Sen. Heidi Heitkamp (D-N.D.,), based on the news reports, said she was encouraged that the administration listened to arguments from her state and others pushing for sustaining the standard. “We need to support our home-grown biofuel industry to strengthen our rural communities, so it’s encouraging that the EPA is reportedly backing away from its plan to cut biofuel blend levels,” Heitkamp said.

A spokesman for the Renewable Fuels Association (RFA) could not verify the report. RFA Executive Director Monty Shaw appeared at an earlier news conference with Reynolds after her conversation with Trump, where he indicated he remained cautious about taking the administration at its word. “The proof of the pudding is in the eating,” Shaw said. “We need to see the numbers.”

Reynolds said at the news conference in Iowa that both Trump and Pruitt "affirmed to me their continued commitment to the RFS,” but warned that she would keep the pressure on until her state’s concerns are addressed.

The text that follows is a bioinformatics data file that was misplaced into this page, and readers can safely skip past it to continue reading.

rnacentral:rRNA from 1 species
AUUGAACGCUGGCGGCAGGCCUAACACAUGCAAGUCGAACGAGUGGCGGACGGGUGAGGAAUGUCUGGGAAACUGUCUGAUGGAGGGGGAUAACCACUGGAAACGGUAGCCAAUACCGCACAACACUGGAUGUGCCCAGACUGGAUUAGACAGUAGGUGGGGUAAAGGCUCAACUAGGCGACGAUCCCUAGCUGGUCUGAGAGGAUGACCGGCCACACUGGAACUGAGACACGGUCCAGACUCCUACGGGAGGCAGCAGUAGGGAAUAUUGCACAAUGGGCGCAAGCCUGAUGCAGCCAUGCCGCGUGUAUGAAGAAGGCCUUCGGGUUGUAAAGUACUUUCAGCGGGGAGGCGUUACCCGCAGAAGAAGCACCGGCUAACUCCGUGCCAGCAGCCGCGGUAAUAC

EPA in July proposed an RFS standard of 19.24 billion gallons for 2018, down from the 19.28 billion in 2017. EPA kept the requirement for conventional biofuels like corn-based ethanol, which is mixed with gasoline, at the 15 billion gallons set for 2017. Ignoring pleas for a higher biomass-based diesel standard, which is set a year in advance of the others, EPA proposed instead to keep it at 2.1 billion gallons in 2019, the same amount set for 2018.